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Bundle-Branch Block and In-Hospital Mortality in Acute Myocardial Infarction

Alan S. Go, MD; Hal V. Barron, MD; Amy Chen Rundle, MS; Joseph P. Ornato, MD; and Andrew L. Avins, MD, MPH
[+] Article and Author Information

For the National Registry of Myocardial Infarction 2 Investigators For author affiliations and current author addresses, see end of text. Requests for Reprints: Alan S. Go, MD, Division of Research, Kaiser Permanente Medical Care Program, 3505 Broadway Street, 12th Floor, Oakland, CA 94611; e-mail, axg@dor.kaiser.org. Current Author Addresses: Dr. Go: Division of Research, Kaiser Permanente Medical Care Program, 3505 Broadway Street, 12th Floor, Oakland, CA 94611.


Copyright ©2004 by the American College of Physicians


Ann Intern Med. 1998;129(9):690-697. doi:10.7326/0003-4819-129-9-199811010-00003
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Background: Left bundle-branch block (BBB) is considered an important predictor of poor outcome in patients with acute myocardial infarction, but the consequences of right BBB are not well understood.

Objectives: To 1) estimate the prevalence of left and right BBB in patients with myocardial infarction; 2) compare the clinical characteristics of and treatments received by patients with left, right, or no BBB; and 3) determine the independent association of left BBB and right BBB with in-hospital death.

Design: Retrospective cohort study.

Setting: Multicenter registry of 1571 U.S. hospitals.

Patients: 297 832 patients with acute myocardial infarction who had left, right, or no BBB on initial electrocardiography.

Measurements: Presence and type of BBB, clinical characteristics of patients, therapies given, and in-hospital death.

Results: Patients with left BBB (n = 19 967; 6.7%) or right BBB (n = 18 354; 6.2%) were older and had more comorbid illness and congestive heart failure than patients with no BBB. Among patients for whom thrombolytic therapy was clearly indicated, fewer patients with left or right BBB (16.6% and 32.0%, respectively) than patients with no BBB (66.5%) received this therapy (P < 0.001). Fewer patients with left or right BBB (60.6% and 67.3%, respectively) than patients with no BBB (75.6%) received aspirin within the first 24 hours (P < 0.001), and fewer patients with left or right BBB (23.9% and 31.8%, respectively) than patients with no BBB (40.4%) received β-blockers within the first 24 hours (P < 0.001). Unadjusted in-hospital mortality rates were almost twice as high for patients with left or right BBB (22.6% and 23.0%, respectively) as for patients with no BBB (13.1%) (P < 0.001). Compared with no BBB and no ST-segment elevation, left BBB was associated with a 34% increase (odds ratio, 1.34 [95% CI, 1.28 to 1.39]) and right BBB was associated with a 64% increase (odds ratio, 1.64 [CI, 1.57 to 1.71]) in the risk for in-hospital death, after adjustment for potential confounders.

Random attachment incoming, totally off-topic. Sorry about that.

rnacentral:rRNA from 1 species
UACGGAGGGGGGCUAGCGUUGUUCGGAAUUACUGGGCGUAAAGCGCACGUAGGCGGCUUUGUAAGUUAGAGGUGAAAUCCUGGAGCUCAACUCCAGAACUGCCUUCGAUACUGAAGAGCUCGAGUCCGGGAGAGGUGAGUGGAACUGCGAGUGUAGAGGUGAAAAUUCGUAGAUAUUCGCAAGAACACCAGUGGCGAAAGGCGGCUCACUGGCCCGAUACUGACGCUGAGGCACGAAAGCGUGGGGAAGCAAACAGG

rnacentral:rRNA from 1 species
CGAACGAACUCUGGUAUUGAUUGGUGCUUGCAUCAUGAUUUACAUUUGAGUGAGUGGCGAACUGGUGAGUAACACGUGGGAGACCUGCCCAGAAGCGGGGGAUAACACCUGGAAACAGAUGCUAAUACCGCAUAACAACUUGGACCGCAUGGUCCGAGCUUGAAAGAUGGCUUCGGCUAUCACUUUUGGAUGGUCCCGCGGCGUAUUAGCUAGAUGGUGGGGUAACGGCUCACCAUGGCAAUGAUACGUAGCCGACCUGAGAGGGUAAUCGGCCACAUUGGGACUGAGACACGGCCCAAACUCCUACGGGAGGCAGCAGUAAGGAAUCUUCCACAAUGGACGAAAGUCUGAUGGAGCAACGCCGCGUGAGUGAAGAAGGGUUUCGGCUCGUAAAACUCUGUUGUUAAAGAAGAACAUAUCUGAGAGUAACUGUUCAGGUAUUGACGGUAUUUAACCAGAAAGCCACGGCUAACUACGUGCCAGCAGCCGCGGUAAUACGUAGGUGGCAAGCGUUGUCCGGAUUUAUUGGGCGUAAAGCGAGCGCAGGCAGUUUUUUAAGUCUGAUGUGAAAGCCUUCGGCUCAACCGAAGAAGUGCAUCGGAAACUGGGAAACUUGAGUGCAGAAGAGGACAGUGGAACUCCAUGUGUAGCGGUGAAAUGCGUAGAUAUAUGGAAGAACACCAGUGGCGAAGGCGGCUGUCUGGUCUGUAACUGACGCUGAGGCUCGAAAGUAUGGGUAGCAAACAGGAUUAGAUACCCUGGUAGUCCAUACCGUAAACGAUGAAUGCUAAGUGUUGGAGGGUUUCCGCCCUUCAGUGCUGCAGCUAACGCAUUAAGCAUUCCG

Conclusions: In patients with acute myocardial infarction, prevalences of right and left BBB are similar. Patients with BBB have more comorbid conditions, are less likely to receive therapy, and have an increased risk for in-hospital death compared with patients with no BBB. Compared with left BBB, right BBB seems to be a stronger independent predictor of in-hospital death.

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